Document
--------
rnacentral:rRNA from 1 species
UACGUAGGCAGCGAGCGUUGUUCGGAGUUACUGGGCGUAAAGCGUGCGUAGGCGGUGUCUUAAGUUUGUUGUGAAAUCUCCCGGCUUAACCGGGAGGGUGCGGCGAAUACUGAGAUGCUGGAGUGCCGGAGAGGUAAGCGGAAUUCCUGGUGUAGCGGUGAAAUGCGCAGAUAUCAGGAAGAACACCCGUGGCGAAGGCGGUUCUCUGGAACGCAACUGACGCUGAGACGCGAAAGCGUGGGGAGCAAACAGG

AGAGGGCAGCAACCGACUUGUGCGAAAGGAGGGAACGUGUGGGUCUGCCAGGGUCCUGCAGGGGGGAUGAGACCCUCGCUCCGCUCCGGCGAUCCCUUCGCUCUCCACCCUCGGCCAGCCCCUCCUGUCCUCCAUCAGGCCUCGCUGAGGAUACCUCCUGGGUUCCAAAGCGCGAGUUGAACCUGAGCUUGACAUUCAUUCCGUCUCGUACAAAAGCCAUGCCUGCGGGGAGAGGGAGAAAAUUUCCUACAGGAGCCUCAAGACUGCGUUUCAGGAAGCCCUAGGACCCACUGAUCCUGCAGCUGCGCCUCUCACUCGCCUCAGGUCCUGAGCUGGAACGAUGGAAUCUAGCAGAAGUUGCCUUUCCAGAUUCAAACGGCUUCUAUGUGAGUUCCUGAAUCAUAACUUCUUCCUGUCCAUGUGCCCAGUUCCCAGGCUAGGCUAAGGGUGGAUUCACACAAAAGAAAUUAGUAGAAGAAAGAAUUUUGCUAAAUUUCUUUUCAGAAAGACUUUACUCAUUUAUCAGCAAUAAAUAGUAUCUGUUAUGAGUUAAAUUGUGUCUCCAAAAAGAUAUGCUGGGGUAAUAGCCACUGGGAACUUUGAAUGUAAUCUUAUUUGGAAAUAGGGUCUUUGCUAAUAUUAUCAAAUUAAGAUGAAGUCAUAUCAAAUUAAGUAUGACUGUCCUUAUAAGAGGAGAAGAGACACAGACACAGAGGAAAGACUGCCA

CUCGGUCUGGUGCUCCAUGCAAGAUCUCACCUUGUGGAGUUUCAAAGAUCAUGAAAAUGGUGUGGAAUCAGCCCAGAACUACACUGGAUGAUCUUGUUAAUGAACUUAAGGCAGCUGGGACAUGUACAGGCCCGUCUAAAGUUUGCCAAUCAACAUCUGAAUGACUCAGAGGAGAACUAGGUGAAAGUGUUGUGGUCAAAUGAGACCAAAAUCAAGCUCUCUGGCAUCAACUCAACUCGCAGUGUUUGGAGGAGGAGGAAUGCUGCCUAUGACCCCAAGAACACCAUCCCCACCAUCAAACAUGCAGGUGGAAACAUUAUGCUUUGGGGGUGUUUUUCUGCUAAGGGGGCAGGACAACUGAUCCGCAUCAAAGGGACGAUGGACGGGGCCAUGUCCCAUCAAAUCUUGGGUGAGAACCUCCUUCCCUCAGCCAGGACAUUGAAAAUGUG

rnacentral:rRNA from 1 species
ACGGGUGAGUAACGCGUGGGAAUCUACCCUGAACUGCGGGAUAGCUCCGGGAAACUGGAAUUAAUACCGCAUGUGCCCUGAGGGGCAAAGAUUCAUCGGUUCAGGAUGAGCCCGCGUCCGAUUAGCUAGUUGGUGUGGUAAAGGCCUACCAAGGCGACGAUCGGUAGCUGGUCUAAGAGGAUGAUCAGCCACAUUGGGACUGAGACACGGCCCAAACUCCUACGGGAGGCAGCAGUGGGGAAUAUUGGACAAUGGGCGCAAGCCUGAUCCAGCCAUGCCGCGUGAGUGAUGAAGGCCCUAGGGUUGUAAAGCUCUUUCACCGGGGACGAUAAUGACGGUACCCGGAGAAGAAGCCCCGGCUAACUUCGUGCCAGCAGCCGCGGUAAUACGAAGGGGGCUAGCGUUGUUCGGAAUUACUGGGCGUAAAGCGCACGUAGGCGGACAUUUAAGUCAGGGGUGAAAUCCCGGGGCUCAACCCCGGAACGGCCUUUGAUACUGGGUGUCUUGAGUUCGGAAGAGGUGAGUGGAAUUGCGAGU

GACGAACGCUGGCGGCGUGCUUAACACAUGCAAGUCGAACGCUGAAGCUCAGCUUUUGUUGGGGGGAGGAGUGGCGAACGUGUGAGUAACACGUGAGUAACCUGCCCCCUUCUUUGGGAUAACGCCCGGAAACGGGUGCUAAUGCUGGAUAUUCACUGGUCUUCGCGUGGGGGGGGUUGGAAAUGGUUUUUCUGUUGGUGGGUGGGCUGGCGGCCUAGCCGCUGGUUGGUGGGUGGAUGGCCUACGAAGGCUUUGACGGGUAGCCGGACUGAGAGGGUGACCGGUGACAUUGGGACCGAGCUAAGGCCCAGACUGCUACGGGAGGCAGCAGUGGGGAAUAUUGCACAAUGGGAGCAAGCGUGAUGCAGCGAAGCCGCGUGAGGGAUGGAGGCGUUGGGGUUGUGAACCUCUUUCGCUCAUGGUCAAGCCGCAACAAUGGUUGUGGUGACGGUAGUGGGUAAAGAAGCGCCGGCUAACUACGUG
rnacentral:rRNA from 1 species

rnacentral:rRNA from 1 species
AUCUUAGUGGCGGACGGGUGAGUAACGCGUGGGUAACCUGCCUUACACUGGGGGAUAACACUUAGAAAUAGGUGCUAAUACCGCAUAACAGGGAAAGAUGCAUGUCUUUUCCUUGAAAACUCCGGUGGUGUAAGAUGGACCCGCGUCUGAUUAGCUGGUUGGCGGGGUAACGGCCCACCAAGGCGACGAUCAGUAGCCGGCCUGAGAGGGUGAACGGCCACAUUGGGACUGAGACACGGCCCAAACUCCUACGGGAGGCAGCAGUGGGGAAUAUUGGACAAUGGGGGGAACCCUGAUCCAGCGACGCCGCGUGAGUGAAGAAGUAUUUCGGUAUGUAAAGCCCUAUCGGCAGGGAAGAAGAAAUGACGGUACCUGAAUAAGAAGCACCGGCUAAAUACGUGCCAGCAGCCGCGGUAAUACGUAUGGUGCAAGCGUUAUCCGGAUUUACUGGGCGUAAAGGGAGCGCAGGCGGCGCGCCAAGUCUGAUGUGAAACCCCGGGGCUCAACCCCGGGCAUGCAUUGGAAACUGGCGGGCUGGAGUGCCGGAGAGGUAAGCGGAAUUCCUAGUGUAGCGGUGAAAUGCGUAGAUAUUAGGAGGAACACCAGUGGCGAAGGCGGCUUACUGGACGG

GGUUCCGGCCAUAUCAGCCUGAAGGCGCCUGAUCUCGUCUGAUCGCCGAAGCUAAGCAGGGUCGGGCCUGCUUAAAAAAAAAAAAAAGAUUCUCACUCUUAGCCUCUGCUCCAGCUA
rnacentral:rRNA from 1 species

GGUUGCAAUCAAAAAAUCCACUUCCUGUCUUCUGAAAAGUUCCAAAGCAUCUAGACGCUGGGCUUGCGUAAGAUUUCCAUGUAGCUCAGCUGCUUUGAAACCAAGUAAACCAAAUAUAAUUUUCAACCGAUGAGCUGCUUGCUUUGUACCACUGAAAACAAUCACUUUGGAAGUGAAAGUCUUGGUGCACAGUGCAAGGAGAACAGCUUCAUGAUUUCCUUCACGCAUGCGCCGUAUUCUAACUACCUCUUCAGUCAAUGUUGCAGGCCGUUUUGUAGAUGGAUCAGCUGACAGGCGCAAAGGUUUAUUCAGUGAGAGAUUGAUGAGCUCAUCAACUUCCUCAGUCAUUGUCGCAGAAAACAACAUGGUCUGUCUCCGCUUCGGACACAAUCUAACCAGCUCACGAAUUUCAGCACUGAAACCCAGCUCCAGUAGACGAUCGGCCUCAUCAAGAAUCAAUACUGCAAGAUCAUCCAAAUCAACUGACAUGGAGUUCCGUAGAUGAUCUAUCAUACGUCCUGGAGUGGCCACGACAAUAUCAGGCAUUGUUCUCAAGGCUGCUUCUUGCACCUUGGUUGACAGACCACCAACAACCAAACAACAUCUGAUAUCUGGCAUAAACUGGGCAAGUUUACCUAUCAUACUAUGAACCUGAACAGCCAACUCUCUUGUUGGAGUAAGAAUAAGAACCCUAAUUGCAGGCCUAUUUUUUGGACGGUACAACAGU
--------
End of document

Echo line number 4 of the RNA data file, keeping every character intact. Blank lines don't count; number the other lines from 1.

CUCGGUCUGGUGCUCCAUGCAAGAUCUCACCUUGUGGAGUUUCAAAGAUCAUGAAAAUGGUGUGGAAUCAGCCCAGAACUACACUGGAUGAUCUUGUUAAUGAACUUAAGGCAGCUGGGACAUGUACAGGCCCGUCUAAAGUUUGCCAAUCAACAUCUGAAUGACUCAGAGGAGAACUAGGUGAAAGUGUUGUGGUCAAAUGAGACCAAAAUCAAGCUCUCUGGCAUCAACUCAACUCGCAGUGUUUGGAGGAGGAGGAAUGCUGCCUAUGACCCCAAGAACACCAUCCCCACCAUCAAACAUGCAGGUGGAAACAUUAUGCUUUGGGGGUGUUUUUCUGCUAAGGGGGCAGGACAACUGAUCCGCAUCAAAGGGACGAUGGACGGGGCCAUGUCCCAUCAAAUCUUGGGUGAGAACCUCCUUCCCUCAGCCAGGACAUUGAAAAUGUG